Res, P. T, Groen, B., Pennings, B., Beelen, M., Wallis, G. A, Gijsen, A. P, Senden, J. M & Van Loon, LJ. (2012). Protein ingestion before sleep improves postexercise overnight recovery. Medicine and Science in Sports and Exercise,44(8), 1560-1569. United States: Lippincott Williams & Wilkins. Retrieved from https://doi.org/10.1249/MSS.0b013e31824cc363
RES, P. T., B. GROEN, B. PENNINGS, M. BEELEN, G. A. WALLIS, A. P. GIJSEN, J. M. G. SENDEN, and L. J. C. VAN LOON. Protein Ingestion before Sleep Improves Postexercise Overnight Recovery. Med. Sci. Sports Exerc., Vol. 44, No. 8, pp. 1560–1569, 2012. Introduction: The role of nutrition in modulating postexercise overnight recovery remains to be elucidated. We assessed the effect of protein ingestion immediately before sleep on digestion and absorption kinetics and protein metabolism during overnight recovery from a single bout of resistance-type exercise. Methods: Sixteen healthy young males performed a single bout of resistance-type exercise in the evening (2000 h) after a full day of dietary standardization. All subjects were provided with appropriate recovery nutrition (20 g of protein, 60 g of CHO) immediately after exercise (2100 h). Thereafter, 30 min before sleep (2330 h), subjects ingested a beverage with (PRO) or without (PLA) 40 g of specifically produced intrinsically [1-13C]phenylalanine-labeled casein protein. Continuous intravenous infusions with [ring-2 H5]phenylalanine and [ring-2 H2]tyrosine were applied with blood and muscle samples collected to assess protein digestion and absorption kinetics, whole-body protein balance and mixed muscle protein synthesis rates throughout the night (7.5 h). Results: During sleep, casein protein was effectively digested and absorbed resulting in a rapid rise in circulating amino acid levels, which were sustained throughout the remainder of the night. Protein ingestion before sleep increased whole-body protein synthesis rates (311 T 8 vs 246 T 9 KmolIkgj1 per 7.5 h) and improved net protein balance (61 T 5 vs j11 T 6 KmolIkgj1 per 7.5 h) in the PRO vs the PLA experiment (P G 0.01). Mixed muscle protein synthesis rates were È22% higher in the PRO vs the PLA experiment, which reached borderline significance (0.059%Ihj1 T 0.005%Ihj1 vs 0.048%Ihj1 T 0.004%Ihj1 , P = 0.05). Conclusions: This is the first study to show that protein ingested immediately before sleep is effectively digested and absorbed, thereby stimulating muscle protein synthesis and improving whole-body protein balance during postexercise overnight recovery.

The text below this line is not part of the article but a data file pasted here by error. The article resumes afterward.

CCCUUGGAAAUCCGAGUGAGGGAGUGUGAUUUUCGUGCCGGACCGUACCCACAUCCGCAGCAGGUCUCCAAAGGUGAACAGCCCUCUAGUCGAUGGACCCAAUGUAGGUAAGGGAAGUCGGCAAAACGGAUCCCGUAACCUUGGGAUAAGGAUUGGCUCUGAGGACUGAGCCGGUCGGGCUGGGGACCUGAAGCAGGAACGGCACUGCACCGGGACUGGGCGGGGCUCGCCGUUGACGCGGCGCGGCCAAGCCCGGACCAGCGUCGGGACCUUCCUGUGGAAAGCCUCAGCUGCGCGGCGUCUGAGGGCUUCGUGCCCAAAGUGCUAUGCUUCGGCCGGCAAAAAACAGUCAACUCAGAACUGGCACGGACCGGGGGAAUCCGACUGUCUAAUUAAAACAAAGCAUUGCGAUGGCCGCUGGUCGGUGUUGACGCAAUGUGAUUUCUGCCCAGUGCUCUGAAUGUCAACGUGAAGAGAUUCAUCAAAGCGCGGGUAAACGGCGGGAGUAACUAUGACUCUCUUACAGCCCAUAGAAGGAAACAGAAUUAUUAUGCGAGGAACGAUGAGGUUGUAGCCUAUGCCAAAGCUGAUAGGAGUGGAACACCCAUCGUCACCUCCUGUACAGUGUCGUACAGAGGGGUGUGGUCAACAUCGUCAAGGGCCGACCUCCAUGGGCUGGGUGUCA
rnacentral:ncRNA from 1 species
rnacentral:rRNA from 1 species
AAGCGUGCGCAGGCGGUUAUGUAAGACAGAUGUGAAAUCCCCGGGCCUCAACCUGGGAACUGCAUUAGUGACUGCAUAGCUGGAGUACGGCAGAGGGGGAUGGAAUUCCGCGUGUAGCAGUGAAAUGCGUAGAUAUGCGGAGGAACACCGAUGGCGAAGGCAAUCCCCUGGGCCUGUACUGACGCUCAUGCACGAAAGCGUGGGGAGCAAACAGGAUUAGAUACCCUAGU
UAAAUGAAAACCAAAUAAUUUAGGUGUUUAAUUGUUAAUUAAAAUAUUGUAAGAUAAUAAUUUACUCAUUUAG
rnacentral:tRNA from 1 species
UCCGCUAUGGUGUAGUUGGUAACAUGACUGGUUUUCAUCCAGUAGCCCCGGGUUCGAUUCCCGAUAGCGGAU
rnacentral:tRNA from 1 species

Mary MacKillop Institute for Health Research
Access may be restricted.